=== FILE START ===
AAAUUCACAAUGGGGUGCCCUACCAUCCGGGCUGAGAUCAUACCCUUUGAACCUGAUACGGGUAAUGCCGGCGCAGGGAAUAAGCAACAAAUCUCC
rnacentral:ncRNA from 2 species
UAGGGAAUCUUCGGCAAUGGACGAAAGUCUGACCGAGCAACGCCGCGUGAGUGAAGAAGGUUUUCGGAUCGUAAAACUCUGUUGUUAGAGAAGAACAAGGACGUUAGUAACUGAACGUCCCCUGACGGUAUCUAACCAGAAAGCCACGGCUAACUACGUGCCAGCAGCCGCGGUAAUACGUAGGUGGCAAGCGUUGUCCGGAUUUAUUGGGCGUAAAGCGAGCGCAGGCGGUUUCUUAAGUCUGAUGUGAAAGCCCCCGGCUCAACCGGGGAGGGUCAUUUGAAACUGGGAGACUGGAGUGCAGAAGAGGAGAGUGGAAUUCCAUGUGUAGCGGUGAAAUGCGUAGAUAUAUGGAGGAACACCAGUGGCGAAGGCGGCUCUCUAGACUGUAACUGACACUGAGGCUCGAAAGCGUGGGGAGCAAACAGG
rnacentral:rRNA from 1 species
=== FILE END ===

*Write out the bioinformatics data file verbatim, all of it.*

AAAUUCACAAUGGGGUGCCCUACCAUCCGGGCUGAGAUCAUACCCUUUGAACCUGAUACGGGUAAUGCCGGCGCAGGGAAUAAGCAACAAAUCUCC
rnacentral:ncRNA from 2 species
UAGGGAAUCUUCGGCAAUGGACGAAAGUCUGACCGAGCAACGCCGCGUGAGUGAAGAAGGUUUUCGGAUCGUAAAACUCUGUUGUUAGAGAAGAACAAGGACGUUAGUAACUGAACGUCCCCUGACGGUAUCUAACCAGAAAGCCACGGCUAACUACGUGCCAGCAGCCGCGGUAAUACGUAGGUGGCAAGCGUUGUCCGGAUUUAUUGGGCGUAAAGCGAGCGCAGGCGGUUUCUUAAGUCUGAUGUGAAAGCCCCCGGCUCAACCGGGGAGGGUCAUUUGAAACUGGGAGACUGGAGUGCAGAAGAGGAGAGUGGAAUUCCAUGUGUAGCGGUGAAAUGCGUAGAUAUAUGGAGGAACACCAGUGGCGAAGGCGGCUCUCUAGACUGUAACUGACACUGAGGCUCGAAAGCGUGGGGAGCAAACAGG
rnacentral:rRNA from 1 species